Tesla's Safety Software Let a Stuffed Animal Use Full Self-Driving
Not confidence-inspiring for software designed to help prevent potentially fatal accidents.
Tesla’s Full Self-Driving beta has taken its fair share of heat. You’ve got federal probes, collisions with inanimate objects, loads of shoddy left turns, and now, arguably among the most damning folds in the FSD story... stuffed animals.
In a recent test from YouTuber, AI Addict, a video shows important safety software — the kind meant to prevent drivers from using FSD when they’re not paying attention — can be tricked by a host of inanimate objects, including balloons with faces and pretty obviously inhuman-looking stuffed animals.
Superficially, it’s a comical demonstration, but in principle, it’s a safety nightmare.
Tesla’s FSD Woes
For software billed as “Full Self-Driving,” Tesla’s semi-autonomous driving systems are anything but. In fact, the entire reason eye-monitoring cameras exist inside Tesla’s EVs is because drivers are required to be alert and ready to intervene at a moment’s notice while using Tesla’s FSD beta.
Tesla’s failsafe, however, might not be such a failsafe for anyone willing to engage in a little subterfuge.
To dupe Tesla’s camera, all that needs to be done is put a teddy bear in the driver’s seat. In AI Addict’s video, the YouTuber claims he was able to drive for a full 10 minutes on a closed road before eventually ending the test without being detected.
To hammer the point home AI Addict takes the test one step further and introduces a theoretical pedestrian — a child mannequin to be exact — and the results are pretty hard to watch. Time after time Tesla’s software mows the mannequin down with a stuffed animal at the wheel.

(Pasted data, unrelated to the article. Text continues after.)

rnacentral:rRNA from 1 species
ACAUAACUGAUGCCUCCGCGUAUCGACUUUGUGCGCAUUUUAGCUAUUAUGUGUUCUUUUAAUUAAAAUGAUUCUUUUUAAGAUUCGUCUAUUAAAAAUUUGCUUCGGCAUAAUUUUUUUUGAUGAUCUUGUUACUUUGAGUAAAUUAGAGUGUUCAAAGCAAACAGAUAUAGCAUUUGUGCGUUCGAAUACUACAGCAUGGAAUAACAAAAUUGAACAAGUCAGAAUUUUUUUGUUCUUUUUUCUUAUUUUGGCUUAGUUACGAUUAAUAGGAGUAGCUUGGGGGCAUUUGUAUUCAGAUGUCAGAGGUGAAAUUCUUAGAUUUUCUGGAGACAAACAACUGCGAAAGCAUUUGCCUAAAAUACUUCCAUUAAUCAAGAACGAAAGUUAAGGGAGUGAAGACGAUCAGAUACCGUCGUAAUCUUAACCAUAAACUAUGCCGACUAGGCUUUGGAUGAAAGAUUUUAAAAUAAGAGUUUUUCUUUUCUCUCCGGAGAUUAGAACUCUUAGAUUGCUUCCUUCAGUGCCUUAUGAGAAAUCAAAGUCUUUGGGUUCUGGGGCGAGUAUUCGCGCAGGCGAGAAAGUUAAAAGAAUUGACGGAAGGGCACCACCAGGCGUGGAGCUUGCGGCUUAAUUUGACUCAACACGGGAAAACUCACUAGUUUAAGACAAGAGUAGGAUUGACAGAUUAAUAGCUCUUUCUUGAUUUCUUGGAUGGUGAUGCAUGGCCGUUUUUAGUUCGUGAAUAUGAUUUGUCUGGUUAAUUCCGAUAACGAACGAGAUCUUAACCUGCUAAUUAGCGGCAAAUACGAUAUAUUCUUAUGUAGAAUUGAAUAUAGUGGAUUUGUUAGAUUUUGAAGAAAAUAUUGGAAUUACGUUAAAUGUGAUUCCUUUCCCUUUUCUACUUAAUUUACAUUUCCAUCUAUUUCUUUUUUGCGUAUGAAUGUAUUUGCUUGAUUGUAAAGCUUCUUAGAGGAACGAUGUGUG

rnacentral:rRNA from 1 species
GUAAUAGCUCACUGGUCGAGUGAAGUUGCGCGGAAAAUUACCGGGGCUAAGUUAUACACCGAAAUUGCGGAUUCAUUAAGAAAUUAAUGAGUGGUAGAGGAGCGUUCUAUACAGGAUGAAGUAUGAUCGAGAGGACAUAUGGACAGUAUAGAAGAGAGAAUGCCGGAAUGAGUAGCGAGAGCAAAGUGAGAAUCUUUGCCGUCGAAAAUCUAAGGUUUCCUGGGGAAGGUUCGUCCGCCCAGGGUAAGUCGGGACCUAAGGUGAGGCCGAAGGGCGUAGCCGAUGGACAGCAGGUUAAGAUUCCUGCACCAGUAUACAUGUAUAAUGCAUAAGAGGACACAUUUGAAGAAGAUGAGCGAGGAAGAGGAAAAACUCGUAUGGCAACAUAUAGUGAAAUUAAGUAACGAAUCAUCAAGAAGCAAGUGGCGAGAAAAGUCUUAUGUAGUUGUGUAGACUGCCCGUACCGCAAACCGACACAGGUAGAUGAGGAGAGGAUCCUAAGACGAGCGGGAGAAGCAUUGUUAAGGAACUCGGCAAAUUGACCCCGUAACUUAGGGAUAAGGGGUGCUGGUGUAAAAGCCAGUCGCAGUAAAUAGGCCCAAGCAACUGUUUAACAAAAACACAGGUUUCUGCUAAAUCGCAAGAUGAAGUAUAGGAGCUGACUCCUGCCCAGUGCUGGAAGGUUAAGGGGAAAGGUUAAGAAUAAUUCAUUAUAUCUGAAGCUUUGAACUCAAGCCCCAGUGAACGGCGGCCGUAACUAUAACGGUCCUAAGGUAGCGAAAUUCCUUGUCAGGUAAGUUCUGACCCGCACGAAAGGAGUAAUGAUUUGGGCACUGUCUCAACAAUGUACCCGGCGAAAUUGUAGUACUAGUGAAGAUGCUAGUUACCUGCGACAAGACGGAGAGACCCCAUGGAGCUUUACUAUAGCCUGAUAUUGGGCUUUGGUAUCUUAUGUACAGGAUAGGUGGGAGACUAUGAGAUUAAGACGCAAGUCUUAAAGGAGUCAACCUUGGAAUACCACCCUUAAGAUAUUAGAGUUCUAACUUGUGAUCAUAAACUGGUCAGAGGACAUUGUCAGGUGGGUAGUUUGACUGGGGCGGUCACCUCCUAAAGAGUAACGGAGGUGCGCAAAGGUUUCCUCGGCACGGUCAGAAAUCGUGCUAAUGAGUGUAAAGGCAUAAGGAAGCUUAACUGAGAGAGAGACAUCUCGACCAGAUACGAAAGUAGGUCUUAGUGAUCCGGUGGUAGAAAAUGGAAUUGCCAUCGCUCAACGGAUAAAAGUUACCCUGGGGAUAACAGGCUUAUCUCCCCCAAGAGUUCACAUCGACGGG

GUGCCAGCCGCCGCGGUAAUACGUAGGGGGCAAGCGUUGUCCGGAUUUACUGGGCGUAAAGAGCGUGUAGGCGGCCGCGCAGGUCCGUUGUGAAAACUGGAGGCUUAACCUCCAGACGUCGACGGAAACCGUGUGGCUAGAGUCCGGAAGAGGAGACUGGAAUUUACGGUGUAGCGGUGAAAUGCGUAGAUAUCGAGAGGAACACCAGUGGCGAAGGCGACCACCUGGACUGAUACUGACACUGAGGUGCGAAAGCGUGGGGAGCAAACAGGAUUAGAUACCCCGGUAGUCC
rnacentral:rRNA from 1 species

And believe it or not, things actually do get worse. AI Addict even goes as far as putting a very inanimate-looking balloon in the driver’s seat and still, the YouTuber’s poor mannequin gets flattened once again. Oof.
AI Addict’s results are concerning, but it is important to note that the tests were conducted in partnership with the Dawn Project, an advocacy organization run by vehement Tesla critic, Dan O’Dowd — a tech billionaire who’s made a crusade out of toppling Tesla’s credibility.
Even with that caveat, however, it’s hard not to imagine a world where Tesla’s software is that easily duped. Elon Musk has long exaggerated Tesla’s ability to create fully autonomous systems, and when it comes to less dire metrics like range, the automaker has been less than forthcoming.
Ultimately, the decision to trust Tesla’s FSD beta is up to the driver, but if results like the ones above are to be believed then that may not be the case for long.